The 10th Basel AML Index portrays a bleak image of the anti-money-laundering effort all around the world. Despite global anti-money laundering measures, the global mean money laundering risk score, described as a jurisdiction’s susceptibility to money laundering/terrorist funding and its capacity to combat it, has risen from 5.22 to 5.3 out of 10.
Four Significant AML Risk Trends for 2021
The Basel AML Index’s goal is to present a fuller view of money laundering risk, as well as a valuable geographical study of money laundering risks, and the most recent edition highlights four significant AML risk trends for 2021:
- Ineffective anti-money laundering systems contribute to increased money laundering risk.
Despite the availability of cutting-edge technology for combating financial crime, poor AML systems are regrettably the norm across the world. Jurisdictions regularly score lower for money laundering protection than for enforcement — despite the weak enforcement effectiveness. According to the Index, while governments may have laws and institutions in place that are substantially compatible with FATF recommendations, they are mainly ineffective in reality.
According to the most recent FATF statistics, the average score for efficacy across all reviewed countries is only 30%, although the average score for technical compliance with FATF recommendations is 64%. In addition, only the United Kingdom and Spain received 67 percent or higher ratings on both preventive and effectiveness categories.
- Jurisdictions are battling with how to react to money laundering dangers posed by virtual assets.
As the usage of virtual assets like cryptocurrencies spreads worldwide, countries are scrambling to address the money laundering risks they pose.
According to FATF recommendation 15, to control and mitigate the risks arising from virtual assets, nations should ensure that virtual asset providers are controlled for AML/CFT reasons and subject to effective systems for monitoring and ensuring compliance with all relevant FATF Recommendations.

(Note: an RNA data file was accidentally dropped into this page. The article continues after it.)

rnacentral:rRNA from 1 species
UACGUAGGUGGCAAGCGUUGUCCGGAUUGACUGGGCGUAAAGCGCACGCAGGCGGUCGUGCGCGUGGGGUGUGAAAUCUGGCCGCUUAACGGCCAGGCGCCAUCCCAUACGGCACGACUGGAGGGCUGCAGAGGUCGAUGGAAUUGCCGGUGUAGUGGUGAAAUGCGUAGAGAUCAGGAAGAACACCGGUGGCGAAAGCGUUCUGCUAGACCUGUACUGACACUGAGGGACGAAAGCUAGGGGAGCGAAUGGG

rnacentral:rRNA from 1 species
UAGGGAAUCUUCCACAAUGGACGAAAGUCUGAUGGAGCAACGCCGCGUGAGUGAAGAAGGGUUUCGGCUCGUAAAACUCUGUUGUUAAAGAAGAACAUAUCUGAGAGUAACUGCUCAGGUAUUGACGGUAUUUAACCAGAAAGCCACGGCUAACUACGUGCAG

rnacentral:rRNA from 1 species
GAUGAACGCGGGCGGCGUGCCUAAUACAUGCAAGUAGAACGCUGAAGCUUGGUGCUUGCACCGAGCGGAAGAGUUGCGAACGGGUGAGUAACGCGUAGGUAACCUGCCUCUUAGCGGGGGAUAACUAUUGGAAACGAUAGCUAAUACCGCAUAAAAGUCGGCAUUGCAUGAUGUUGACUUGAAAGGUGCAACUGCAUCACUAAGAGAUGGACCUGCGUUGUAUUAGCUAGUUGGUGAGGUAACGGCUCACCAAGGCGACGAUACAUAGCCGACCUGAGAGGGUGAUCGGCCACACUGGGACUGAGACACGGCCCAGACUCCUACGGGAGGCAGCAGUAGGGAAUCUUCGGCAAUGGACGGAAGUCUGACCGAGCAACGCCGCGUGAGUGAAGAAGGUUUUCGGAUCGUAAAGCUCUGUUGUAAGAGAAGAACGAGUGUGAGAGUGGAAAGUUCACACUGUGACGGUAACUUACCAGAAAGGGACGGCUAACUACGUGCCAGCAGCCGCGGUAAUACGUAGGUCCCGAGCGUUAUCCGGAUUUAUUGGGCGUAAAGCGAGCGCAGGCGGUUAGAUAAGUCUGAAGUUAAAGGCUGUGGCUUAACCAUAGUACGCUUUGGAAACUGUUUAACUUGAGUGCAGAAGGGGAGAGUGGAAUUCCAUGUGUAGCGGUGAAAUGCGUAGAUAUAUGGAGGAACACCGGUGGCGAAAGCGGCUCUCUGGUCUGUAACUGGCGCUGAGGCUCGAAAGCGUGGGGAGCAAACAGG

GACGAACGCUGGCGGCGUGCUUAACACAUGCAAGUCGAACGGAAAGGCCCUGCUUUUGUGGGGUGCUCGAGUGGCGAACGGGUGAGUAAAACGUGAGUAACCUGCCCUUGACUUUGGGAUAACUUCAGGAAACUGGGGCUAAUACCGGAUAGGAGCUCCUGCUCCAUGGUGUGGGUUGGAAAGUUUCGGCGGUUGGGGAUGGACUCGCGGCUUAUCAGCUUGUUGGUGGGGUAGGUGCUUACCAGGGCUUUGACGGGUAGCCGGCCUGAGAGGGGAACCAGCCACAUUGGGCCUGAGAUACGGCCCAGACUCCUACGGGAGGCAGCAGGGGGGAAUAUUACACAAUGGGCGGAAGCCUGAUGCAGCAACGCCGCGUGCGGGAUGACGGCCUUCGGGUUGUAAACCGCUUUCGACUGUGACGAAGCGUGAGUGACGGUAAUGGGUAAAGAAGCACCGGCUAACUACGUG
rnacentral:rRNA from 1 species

However, the Index discovers that the average compliance score for suggestion 15 across all countries analyzed fell from 70% to 60%. The Basel research warns of the possibility of “regulator shopping” in the virtual assets sector, in which states with lax regulatory frameworks serve as safe havens for unlawful behavior involving virtual assets.
- The slow and poor introduction of beneficial ownership registers maintains safe havens for illicit money.
Despite frameworks and promises to strengthen beneficial ownership registers, poor performance is common, hurting all global money laundering attempts.
No country has an efficient, beneficial ownership registration system in place, where legal persons and arrangements are barred from being used for money laundering or terrorism funding and beneficial ownership data is easily accessible. In fact, over half of the jurisdictions evaluated received a 0 for effectiveness.
The press has highlighted the magnitude of these flaws multiple times, most recently in the Pandora Papers. The research suggests that the government take serious efforts to strengthen beneficial ownership transparency.
- Non-financial enterprises and professions pose a significant risk to most nations’ AML/CFT systems.
Although customer due diligence duties apply to both financial institutions and designated non-financial companies and professions (DNFBPs), the research indicates that DNFBPs continue to underperform in terms of AML/CFT compliance. As a result, DNFBPs are not only poorly safeguarded against ML/TF threats, but their AML/CFT efforts are also shallow, producing a severe vulnerability and serious loophole danger.
The study specifically mentions DNFBPs’ low grasp of risks and duties, poor AML/CFT procedures implementation, and inadequate monitoring and oversight. It advocates for increased monitoring in order to enhance effectiveness.
November 2021, published on Sanction Scanner